This paper presents an improved Direct Power Control (DPC) scheme applied to the multilevel inverter that forms a Distributed Generation Unit (DGU). This paper demonstrates the performance of active and reactive power injected by the DGU to the smart grid. The DPC is traditionally operated by the hysteresis controller with the Space Vector Modulation (SVM) which is applied on the 2-level inverters or 3-level inverters. In this paper, the DPC is operated by the PI controller with the Phase-Disposition Pulse Width Modulation (PD-PWM) applied to the 5-level diode clamped inverter. The new combination of the DPC, PI controller, PD-PWM and multilevel inverter proves that its performance is much better than the conventional hysteresis-SVM based DPC. Simulations results have been presented to validate the performance of the suggested control scheme in the grid-connected mode.

Optimal Placement and Sizing of Energy Storage System in Distribution Network with Photovoltaic Based Distributed Generation Using Improved Firefly Algorithms

The installation of photovoltaic based distributed generation (PVDG) in active distribution system can lead to voltage fluctuation due to the intermittent and unpredictable PVDG output power. This paper presented a method in mitigating the voltage rise by optimally locating and sizing the battery energy storage system (BESS) in PVDG integrated distribution network. The improved firefly algorithm is used to perform optimal placement and sizing. Three objective functions are presented considering the voltage deviation and BESS off-time with state of charge as the constraint. The performance of the proposed method is compared with another optimization method such as the original firefly algorithm and gravitational search algorithm. Simulation results show that the proposed optimum BESS location and size improve the voltage stability.

Composite Distributed Generation and Transmission Expansion Planning Considering Security

During the recent past, due to the increase of electrical energy demand and governmental resources constraints in creating additional capacity in the generation, transmission, and distribution, privatization, and restructuring in electrical industry have been considered. So, in most of the countries, different parts of electrical industry like generation, transmission, and distribution have been separated in order to create competition. Considering these changes, environmental issues, energy growth, investment of private equity in energy generation units and difficulties of transmission lines expansion, distributed generation (DG) units have been used in power systems. Moreover, reduction in the need for transmission and distribution, the increase of reliability, improvement of power quality, and reduction of power loss have caused DG to be placed in power systems. On the other hand, considering low liquidity need, private investors tend to spend their money for DGs. In this project, the main goal is to offer an algorithm for planning and placing DGs in order to reduce the need for transmission and distribution network.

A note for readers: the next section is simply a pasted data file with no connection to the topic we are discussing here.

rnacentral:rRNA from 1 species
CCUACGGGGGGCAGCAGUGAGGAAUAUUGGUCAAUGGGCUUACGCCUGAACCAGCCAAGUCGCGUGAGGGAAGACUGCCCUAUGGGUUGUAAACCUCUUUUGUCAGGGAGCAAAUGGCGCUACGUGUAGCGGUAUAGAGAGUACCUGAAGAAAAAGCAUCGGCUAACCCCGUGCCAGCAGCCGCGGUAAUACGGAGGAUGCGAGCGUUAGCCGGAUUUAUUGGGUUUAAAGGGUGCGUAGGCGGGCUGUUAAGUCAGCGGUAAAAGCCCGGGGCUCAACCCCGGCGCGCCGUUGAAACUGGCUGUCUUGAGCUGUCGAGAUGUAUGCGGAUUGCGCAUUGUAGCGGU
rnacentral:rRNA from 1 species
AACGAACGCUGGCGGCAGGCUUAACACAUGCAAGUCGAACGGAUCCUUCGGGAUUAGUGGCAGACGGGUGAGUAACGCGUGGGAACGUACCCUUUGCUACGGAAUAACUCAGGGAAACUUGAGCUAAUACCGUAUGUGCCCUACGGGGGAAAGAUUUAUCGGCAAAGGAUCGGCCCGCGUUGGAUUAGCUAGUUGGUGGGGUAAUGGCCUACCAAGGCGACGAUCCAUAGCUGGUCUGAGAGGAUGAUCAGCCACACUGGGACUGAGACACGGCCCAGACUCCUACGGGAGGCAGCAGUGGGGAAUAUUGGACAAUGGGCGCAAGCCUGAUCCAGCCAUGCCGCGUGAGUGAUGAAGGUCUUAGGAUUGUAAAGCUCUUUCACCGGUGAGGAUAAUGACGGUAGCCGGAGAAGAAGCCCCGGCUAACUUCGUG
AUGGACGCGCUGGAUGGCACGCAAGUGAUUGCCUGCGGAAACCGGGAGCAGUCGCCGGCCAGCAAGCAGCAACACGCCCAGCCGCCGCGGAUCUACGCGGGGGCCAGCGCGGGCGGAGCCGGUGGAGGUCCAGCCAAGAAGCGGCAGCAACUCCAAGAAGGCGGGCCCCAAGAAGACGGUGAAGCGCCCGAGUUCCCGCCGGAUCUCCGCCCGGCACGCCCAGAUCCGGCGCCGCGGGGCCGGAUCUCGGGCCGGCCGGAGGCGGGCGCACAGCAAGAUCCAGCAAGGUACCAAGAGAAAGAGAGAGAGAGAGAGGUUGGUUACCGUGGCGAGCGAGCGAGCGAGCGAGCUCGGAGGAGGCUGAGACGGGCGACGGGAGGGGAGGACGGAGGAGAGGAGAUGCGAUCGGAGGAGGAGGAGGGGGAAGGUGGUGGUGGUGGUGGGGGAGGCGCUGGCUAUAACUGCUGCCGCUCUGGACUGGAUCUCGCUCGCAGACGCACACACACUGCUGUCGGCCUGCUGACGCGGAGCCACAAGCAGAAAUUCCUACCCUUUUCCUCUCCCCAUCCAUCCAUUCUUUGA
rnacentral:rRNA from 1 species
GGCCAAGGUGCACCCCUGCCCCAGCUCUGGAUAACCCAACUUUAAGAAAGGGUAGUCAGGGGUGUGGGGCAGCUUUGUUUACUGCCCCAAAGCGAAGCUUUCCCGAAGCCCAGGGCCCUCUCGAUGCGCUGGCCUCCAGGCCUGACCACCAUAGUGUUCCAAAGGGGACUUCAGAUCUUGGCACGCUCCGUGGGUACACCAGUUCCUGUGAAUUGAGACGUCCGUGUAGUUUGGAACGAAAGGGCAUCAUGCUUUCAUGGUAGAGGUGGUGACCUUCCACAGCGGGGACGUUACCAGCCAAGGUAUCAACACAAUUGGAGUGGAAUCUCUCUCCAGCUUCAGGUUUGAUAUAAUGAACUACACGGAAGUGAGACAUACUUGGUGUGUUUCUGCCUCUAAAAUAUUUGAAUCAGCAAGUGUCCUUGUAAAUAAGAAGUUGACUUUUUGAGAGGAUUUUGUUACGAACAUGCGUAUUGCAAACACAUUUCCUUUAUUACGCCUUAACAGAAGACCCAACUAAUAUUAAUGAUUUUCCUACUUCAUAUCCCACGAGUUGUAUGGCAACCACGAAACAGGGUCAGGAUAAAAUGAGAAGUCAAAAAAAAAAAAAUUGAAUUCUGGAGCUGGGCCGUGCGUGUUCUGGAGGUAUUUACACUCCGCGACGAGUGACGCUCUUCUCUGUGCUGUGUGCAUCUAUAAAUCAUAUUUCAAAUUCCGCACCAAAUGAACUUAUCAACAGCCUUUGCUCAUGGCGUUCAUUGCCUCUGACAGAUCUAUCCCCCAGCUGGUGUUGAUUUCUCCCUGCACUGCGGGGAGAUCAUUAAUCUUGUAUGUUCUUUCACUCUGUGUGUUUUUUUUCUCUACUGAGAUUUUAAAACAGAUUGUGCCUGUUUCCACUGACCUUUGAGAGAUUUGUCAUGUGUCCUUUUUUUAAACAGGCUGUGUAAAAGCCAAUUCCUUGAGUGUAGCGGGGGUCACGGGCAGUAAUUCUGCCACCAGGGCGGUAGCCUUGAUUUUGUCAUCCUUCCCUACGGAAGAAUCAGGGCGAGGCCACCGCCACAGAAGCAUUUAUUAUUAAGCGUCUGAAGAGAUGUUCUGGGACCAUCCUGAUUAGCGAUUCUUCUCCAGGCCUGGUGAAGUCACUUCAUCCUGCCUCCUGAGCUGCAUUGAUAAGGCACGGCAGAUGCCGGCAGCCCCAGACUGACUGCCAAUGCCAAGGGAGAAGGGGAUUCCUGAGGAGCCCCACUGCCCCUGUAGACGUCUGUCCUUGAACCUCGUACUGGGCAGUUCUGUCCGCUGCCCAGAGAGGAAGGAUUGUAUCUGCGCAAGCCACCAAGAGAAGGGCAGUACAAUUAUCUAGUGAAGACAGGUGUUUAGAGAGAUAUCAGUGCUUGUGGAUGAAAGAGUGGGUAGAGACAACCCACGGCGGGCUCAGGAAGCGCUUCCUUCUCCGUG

Unbalanced Distribution Optimal Power Flow to Minimize Losses with Distributed Photovoltaic Plants

Electric power systems are likely to operate with minimum losses and voltage meeting international standards. This is made possible generally by control actions provide by automatic voltage regulators, capacitors and transformers with on-load tap changer (OLTC). With the development of photovoltaic (PV) systems technology, their integration on distribution networks has increased over the last years to the extent of replacing the above mentioned techniques. The conventional analysis and simulation tools used for electrical networks are no longer able to take into account control actions necessary for studying distributed PV generation impact. This paper presents an unbalanced optimal power flow (OPF) model that minimizes losses with association of active power generation and reactive power control of single-phase and three-phase PV systems. Reactive power can be generated or absorbed using the available capacity and the adjustable power factor of the inverter. The unbalance OPF is formulated by current balance equations and solved by primal-dual interior point method. Several simulation cases have been carried out varying the size and location of PV systems and the results show a detailed view of the impact of PV distributed generation on distribution systems.